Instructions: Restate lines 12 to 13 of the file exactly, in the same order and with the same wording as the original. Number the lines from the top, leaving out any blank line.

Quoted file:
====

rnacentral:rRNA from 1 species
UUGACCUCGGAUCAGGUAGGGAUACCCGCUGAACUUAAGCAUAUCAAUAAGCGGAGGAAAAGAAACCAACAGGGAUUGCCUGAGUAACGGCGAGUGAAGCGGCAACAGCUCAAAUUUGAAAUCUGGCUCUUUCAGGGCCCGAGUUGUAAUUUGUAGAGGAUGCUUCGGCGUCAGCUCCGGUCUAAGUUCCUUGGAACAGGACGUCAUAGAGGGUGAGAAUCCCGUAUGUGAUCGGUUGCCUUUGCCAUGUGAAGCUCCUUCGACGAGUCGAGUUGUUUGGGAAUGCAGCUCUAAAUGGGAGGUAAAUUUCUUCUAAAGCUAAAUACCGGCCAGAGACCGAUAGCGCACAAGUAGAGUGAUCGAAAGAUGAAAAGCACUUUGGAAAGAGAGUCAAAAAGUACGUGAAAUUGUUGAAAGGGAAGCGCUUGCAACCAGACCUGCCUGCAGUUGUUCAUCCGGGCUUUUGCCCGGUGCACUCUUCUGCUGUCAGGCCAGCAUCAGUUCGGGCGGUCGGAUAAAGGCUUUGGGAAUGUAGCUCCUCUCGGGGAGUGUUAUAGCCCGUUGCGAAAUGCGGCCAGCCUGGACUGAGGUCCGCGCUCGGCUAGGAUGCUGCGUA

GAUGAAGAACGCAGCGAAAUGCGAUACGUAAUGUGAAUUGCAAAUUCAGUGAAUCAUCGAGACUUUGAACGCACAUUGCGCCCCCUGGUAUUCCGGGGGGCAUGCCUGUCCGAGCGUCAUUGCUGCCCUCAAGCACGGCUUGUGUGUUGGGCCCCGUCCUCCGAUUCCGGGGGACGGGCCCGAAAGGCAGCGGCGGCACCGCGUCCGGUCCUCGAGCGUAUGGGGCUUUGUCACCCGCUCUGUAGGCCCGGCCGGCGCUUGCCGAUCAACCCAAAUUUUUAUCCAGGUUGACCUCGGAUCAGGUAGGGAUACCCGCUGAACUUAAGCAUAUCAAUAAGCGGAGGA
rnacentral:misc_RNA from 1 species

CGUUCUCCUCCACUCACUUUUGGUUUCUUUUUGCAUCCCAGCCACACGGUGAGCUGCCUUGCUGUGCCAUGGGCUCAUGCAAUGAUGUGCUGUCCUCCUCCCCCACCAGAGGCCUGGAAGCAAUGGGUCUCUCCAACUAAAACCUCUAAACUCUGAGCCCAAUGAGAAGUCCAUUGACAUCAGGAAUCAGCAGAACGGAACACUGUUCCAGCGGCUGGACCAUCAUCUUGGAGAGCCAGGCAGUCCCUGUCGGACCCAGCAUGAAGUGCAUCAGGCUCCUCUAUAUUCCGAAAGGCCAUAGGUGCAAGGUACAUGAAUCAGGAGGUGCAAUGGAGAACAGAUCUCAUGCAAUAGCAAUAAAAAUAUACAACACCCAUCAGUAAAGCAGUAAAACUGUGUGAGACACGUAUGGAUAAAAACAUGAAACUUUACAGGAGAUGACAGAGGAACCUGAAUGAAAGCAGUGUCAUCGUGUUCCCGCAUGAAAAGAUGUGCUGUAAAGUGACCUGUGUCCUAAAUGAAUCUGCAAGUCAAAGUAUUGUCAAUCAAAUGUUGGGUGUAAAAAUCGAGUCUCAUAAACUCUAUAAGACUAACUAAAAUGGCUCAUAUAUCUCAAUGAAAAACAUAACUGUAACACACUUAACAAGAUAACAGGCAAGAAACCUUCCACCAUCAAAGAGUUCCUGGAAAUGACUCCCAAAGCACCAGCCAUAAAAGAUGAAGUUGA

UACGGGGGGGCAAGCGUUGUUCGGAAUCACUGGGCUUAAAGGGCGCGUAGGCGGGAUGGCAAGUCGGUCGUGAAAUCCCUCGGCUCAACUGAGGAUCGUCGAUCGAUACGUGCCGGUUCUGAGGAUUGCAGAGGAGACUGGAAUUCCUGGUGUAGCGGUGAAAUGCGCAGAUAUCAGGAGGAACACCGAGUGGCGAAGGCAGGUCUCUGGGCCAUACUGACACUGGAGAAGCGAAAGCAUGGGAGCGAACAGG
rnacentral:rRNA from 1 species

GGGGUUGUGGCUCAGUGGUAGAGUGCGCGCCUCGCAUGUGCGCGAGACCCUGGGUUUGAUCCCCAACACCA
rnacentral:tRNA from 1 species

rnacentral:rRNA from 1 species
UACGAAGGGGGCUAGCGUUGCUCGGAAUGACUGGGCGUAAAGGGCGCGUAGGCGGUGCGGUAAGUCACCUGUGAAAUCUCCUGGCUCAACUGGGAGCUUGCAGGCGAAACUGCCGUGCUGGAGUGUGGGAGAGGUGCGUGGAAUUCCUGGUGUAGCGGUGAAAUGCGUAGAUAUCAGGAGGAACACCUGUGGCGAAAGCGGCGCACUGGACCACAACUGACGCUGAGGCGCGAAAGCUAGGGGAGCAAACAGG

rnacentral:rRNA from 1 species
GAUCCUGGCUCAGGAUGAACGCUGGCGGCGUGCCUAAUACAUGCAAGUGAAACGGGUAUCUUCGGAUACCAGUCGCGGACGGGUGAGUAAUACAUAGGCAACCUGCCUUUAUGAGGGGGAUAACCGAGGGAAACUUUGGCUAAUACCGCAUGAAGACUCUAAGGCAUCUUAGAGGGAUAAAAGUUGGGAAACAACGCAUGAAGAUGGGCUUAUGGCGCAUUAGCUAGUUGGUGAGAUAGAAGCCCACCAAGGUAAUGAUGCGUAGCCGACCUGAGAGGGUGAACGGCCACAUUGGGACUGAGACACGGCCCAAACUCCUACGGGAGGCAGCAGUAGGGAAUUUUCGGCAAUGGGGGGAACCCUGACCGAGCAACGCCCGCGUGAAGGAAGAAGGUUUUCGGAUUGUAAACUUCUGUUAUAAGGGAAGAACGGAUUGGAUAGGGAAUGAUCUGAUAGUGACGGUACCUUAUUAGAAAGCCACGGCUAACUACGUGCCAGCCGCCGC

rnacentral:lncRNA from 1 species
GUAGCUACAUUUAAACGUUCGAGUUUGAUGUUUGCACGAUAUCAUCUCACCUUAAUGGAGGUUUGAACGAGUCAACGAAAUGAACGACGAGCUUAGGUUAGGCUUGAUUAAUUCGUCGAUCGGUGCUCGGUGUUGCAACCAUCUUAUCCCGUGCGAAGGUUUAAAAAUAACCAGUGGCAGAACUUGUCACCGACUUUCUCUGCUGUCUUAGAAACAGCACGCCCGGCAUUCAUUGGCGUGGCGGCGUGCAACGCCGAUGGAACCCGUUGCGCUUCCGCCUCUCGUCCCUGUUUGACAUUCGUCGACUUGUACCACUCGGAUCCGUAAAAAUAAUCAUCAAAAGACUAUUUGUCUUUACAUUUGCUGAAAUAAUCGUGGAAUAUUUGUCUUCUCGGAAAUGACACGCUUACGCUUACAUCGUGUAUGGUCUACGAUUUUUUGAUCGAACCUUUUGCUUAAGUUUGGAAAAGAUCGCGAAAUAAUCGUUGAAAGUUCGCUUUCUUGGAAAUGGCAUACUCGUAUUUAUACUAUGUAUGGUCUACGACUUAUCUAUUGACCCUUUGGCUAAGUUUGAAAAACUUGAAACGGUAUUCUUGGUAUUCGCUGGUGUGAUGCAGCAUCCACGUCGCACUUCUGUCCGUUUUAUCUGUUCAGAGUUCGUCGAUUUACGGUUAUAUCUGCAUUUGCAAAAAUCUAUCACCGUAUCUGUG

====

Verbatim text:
rnacentral:rRNA from 1 species
GAUCCUGGCUCAGGAUGAACGCUGGCGGCGUGCCUAAUACAUGCAAGUGAAACGGGUAUCUUCGGAUACCAGUCGCGGACGGGUGAGUAAUACAUAGGCAACCUGCCUUUAUGAGGGGGAUAACCGAGGGAAACUUUGGCUAAUACCGCAUGAAGACUCUAAGGCAUCUUAGAGGGAUAAAAGUUGGGAAACAACGCAUGAAGAUGGGCUUAUGGCGCAUUAGCUAGUUGGUGAGAUAGAAGCCCACCAAGGUAAUGAUGCGUAGCCGACCUGAGAGGGUGAACGGCCACAUUGGGACUGAGACACGGCCCAAACUCCUACGGGAGGCAGCAGUAGGGAAUUUUCGGCAAUGGGGGGAACCCUGACCGAGCAACGCCCGCGUGAAGGAAGAAGGUUUUCGGAUUGUAAACUUCUGUUAUAAGGGAAGAACGGAUUGGAUAGGGAAUGAUCUGAUAGUGACGGUACCUUAUUAGAAAGCCACGGCUAACUACGUGCCAGCCGCCGC